The state planning act establishes several objectives for Hawai’i’s economy with respect to agriculture, including the continued viability of our sugar and pineapple industries; the growth and development of diversified agriculture; and the maintenance of agriculture as a dynamic and essential component of the state’s strategic, economic and social well-being. However, these objectives do not explicitly include the promotion of traditional farming methods or the development of small scale farms, as may be critical to maintaining our islands’ food security in a changing climate. Accordingly, consistent with recommendations from the United Nations Commission on Trade and Development and the Hawai’i State Taro Security and Purity Task Force, this measure updates the state’s agricultural objectives to include the perpetuation, promotion and growth of traditional Hawaiian farming methods and crops; as well as the growth and development of small scale farms.


  • OHA-5 Hawaiian Plants in Public Landscaping

    Native and Polynesian-introduced plants are an integral part of Hawai’i’s unique cultural and ecological heritage, and their use in landscaping promotes a Hawaiian sense of place, cultural preservation, biodiversity, biosecurity and ecosystem management. Accordingly, the state procurement code was amended more than 15 years ago to require that native and Polynesian-introduced plants be used in publicly-funded landscaping wherever and whenever feasible. Unfortunately, the current language of the law has not ensured that all new or renovated publicly-funded landscaping projects utilize Hawaiian plants, as originally envisioned by lawmakers more than a decade ago. This bill amends the state procurement code to require that a clear and progressively-increasing percentage of all future publicly-funded landscaping projects utilize native and Polynesian-introduced plants.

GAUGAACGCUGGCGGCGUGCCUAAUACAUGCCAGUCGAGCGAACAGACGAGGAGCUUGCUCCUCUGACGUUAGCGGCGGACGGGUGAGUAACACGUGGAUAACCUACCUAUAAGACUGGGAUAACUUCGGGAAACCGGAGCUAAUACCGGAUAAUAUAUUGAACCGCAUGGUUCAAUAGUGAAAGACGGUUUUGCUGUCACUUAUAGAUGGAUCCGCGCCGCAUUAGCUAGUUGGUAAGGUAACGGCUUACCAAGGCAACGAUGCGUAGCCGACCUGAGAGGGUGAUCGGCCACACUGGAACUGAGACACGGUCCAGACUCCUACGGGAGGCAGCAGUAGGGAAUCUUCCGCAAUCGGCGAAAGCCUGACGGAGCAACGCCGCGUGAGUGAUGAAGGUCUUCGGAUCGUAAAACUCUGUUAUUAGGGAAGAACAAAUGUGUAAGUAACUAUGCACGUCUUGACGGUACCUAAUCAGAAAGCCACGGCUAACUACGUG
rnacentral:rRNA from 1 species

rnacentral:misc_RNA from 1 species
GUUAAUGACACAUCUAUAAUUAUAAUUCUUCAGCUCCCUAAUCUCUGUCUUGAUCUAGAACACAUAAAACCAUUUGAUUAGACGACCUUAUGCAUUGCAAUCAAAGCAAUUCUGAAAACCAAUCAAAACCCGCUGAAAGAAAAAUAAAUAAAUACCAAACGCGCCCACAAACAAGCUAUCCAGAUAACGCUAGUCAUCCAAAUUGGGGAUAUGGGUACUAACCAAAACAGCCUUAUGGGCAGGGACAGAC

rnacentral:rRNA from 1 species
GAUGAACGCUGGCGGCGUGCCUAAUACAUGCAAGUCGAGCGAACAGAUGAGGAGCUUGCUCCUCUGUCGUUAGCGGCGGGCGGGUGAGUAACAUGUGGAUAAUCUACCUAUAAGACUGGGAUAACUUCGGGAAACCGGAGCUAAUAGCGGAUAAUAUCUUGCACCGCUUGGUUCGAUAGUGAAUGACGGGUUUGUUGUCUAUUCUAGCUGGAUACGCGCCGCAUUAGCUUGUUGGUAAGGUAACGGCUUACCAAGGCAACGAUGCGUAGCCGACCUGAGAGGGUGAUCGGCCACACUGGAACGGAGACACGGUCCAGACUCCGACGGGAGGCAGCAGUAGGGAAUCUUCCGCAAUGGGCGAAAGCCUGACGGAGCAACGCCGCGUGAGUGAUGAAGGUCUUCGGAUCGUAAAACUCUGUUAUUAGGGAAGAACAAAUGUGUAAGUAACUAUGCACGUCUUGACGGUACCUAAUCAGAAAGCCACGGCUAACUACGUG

• OHA-6 Data Collection on Children with Incarcerated Parents

    A growing body of national research demonstrates that children whose parents are sent to jail may experience great trauma, as a result of their parents’ incarceration. This bill takes a long-awaited first step towards identifying and addressing the unique needs of Hawai’i’s keiki with incarcerated parents, by authorizing the Department of Public Safety (DPS) to collect intake data relating to parents in prison and their children. This bill would require DPS, through its prisoner intake centers, to collect or coordinate the collection of data on the number of parents entering the prison system, the number of children of such parents, and any other information the department may find useful in facilitating services to meet these keiki’s needs.


  • OHA-7 Public Land Trust Revenue Reporting

    Enacted in 2006, Act 178 established OHA’s interim pro-rata share of public land trust revenues at $15.1 million annually and requires state agencies to report all public land trust receipts to the Legislature annually. OHA worked with the Office of the Attorney General and the state agencies to conduct a financial review of the public land trust receipts for fiscal year 2012. The preliminary findings of this review indicate that significant public land trust receipts went unreported in the state’s fiscal year 2012 Act 178 report. Some but not all of these omissions were corrected in the 2013 and 2014 Act 178 reports. Accordingly, this resolution requests that the executive branch provide accurate and complete Act 178 reports.